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The Holy Christian Emperor Who Died in the Cold of Exile

by William Doino, Jr.

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  • Description:
    With new testimony from Dietrich von Hildebrand, William Doino presents the story of Charles I, the last emperor-king of the Austrian-Hungarian Empire, who has become a symbol of Catholic leadership and integrity.
  • Larger Work:
    Inside the Vatican
  • Pages: 28 – 33
  • Publisher & Date:
    Urbi et Orbi Communications, New Hope, KY, September 2004

The beatification of the last emperor-king of the Austrian-Hungarian Empire raises great issues of Christianity and political rule that have haunted Europe for centuries. Emperor Charles I's leadership in the final years of World War I dramatized the great issues of war and peace, legitimate defense and wanton slaughter, pride-filled egotism and Christian justice and charity. Serious men, especially Christians, have pondered these topics for years.

"To be a true Christian — especially a true Christian statesman — in the contemporary world, is nearly impossible. The temptation to lie, to cheat, to betray one's deepest convictions in order to obtain power or gain fleeting approval, is overwhelming. None but saints can live up to the challenge." So spoke Erik von Kuehnelt-Leddihn, the late Austrian Catholic political scientist, in one of his most memorable comments.

Nowhere do these words better apply than to the First World War. In his acclaimed work, The Pity of War, Niall Ferguson analyzes the series of fatal mistakes which led to that wholesale carnage, and measures the War with the teachings of Christ: "Apart from anything else," writes Ferguson, "it was obvious to even the least sophisticated soldier that there was a difference between the Sermon on the Mount and that of the drill instructor on the use of the bayonet." The thousands of Catholic priests — not to mention the countless Catholic laymen — who took part in the conflict had to contend "with the embarrassment of Benedict XV's opposition to the War." Some of them fell victim to "a muscular, not to say bloodthirsty" version of Christianity, leading to a split mentality — sanctioning the immoral war, yet professing to cling to some form of Christian morality. Ferguson quotes a caustic wartime poem to drive the point home:

I do not wish to hurt you
But (Bang!) I feel I must.
It is a Christian virtue
To lay you in the dust.
You — (Zip! That bullet got you)
You're really better dead.
I'm sorry that I shot you —
Here, let me hold your head."

In his acclaimed biography, The Unknown Pope: Benedict XV (1914-1922) and the Pursuit of Peace (London: Geoffrey Chapman, 1999), John F. Pollard describes the valiant efforts of Pope Benedict XV to end this madness and bloodshed, raising the papacy to a new level of moral authority.

Benedict issued several major statements against the war, and protested vigorously, to all the guilty parties, when outrages were committed. He also performed works of mercy that stagger the imagination when one remembers how meager were his resources — and how difficult were the conditions under which he worked.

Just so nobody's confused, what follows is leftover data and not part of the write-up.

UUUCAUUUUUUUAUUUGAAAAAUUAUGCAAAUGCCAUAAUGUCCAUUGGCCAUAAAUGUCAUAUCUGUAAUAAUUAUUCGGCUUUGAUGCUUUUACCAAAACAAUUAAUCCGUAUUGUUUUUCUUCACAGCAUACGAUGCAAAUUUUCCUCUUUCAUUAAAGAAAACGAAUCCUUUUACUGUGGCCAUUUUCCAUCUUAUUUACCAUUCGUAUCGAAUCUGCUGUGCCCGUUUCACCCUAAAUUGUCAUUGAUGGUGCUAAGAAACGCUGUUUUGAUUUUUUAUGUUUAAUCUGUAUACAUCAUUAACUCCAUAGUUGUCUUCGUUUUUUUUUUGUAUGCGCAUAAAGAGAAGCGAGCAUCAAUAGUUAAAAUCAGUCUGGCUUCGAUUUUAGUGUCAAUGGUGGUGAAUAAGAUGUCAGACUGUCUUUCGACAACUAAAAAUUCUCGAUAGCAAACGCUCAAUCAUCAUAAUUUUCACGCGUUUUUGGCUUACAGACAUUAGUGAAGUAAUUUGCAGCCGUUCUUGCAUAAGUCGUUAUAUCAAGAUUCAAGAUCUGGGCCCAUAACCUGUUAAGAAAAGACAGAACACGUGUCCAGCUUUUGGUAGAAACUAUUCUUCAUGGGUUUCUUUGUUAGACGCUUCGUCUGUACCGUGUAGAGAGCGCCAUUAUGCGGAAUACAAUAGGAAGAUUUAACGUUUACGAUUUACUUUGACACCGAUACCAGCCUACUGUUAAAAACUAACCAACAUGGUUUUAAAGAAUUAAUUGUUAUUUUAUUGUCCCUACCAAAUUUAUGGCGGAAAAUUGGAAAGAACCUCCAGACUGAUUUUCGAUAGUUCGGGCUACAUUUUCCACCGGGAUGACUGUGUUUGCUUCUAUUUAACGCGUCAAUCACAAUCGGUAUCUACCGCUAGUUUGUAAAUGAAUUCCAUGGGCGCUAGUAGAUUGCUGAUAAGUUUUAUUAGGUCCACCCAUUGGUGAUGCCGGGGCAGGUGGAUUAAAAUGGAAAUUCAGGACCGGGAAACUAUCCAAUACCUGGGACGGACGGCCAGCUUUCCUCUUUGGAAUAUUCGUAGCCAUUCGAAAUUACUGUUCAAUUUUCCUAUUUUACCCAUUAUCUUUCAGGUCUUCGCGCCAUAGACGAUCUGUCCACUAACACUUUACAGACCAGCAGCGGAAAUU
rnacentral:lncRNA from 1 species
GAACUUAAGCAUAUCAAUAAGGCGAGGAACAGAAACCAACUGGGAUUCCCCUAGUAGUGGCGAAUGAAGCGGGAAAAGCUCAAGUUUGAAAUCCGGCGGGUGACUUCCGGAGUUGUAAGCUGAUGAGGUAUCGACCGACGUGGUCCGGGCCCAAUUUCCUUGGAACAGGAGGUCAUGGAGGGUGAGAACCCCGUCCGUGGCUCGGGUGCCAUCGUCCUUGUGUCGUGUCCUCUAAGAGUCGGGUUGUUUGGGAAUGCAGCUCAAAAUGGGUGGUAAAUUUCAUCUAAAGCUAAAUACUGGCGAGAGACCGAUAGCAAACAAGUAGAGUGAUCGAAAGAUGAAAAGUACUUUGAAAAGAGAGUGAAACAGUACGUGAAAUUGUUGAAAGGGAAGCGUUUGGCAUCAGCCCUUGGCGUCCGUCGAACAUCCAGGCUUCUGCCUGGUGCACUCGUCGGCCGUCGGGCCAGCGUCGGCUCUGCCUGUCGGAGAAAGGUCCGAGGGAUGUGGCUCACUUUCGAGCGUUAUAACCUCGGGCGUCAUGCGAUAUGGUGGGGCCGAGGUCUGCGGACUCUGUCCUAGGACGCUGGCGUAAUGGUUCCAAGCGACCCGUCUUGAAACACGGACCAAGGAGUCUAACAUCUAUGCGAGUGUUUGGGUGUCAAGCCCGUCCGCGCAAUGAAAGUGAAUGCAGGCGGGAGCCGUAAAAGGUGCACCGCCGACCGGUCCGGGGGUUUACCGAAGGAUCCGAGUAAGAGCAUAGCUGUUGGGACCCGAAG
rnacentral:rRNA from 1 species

Other than Pope Benedict, one of the few statesman to stand out at the time for his Christian convictions — indeed, perhaps the only other — was Charles I, the last emperor of Austria and king of Hungary. In 1916, Charles inherited the throne of the Austro-Hungarian Empire when his great uncle, Emperor Franz Josef, died. Charles was only 29 at the time, and World War I was well under way, but the young Catholic monarch went to work trying to restrain the conflict and ultimately bring it to a close. He did so because he believed in peace and hated war, and because he believed the teachings of his Church could actually be implemented in the modern world — not just regarded as ideals to be admired from afar.

The story of Charles I begins in August of 1887, when the future king was born, becoming the great nephew of the reigning Emperor Franz Josef, who had then already reigned for nearly 40 of his 68 years on the throne. Charles was the son of the Archduke Otto, who was the son of the Archduke Karl Ludwig, the emperor's brother. Charles's mother was Archduchess Maria Josefa, the daughter of King George of Saxony, and a devout Catholic. At the time of his birth, Charles was far from the throne, but because of a series of unexpected events — the suicide of Crown Prince Rudolf (the Emperor's son), and the death of Karl Ludwig (Charles's grandfather) — the young boy moved ever closer to the line of succession. At that point, the only people ahead of him to inherit the throne were his uncle, Franz Ferdinand (the eldest son of Karl Ludwig), and his uncle's children; but Franz Ferdinand married a non-royal woman and was obliged to sign away the rights of his children to the throne. So it was expected that after a significant reign of Franz Ferdinand, Charles would become emperor. But then the great shock which began the First World War struck: on June 28, 1914, while on tour in Sarajevo, Franz Ferdinand and his wife were assassinated by a Serb extremist.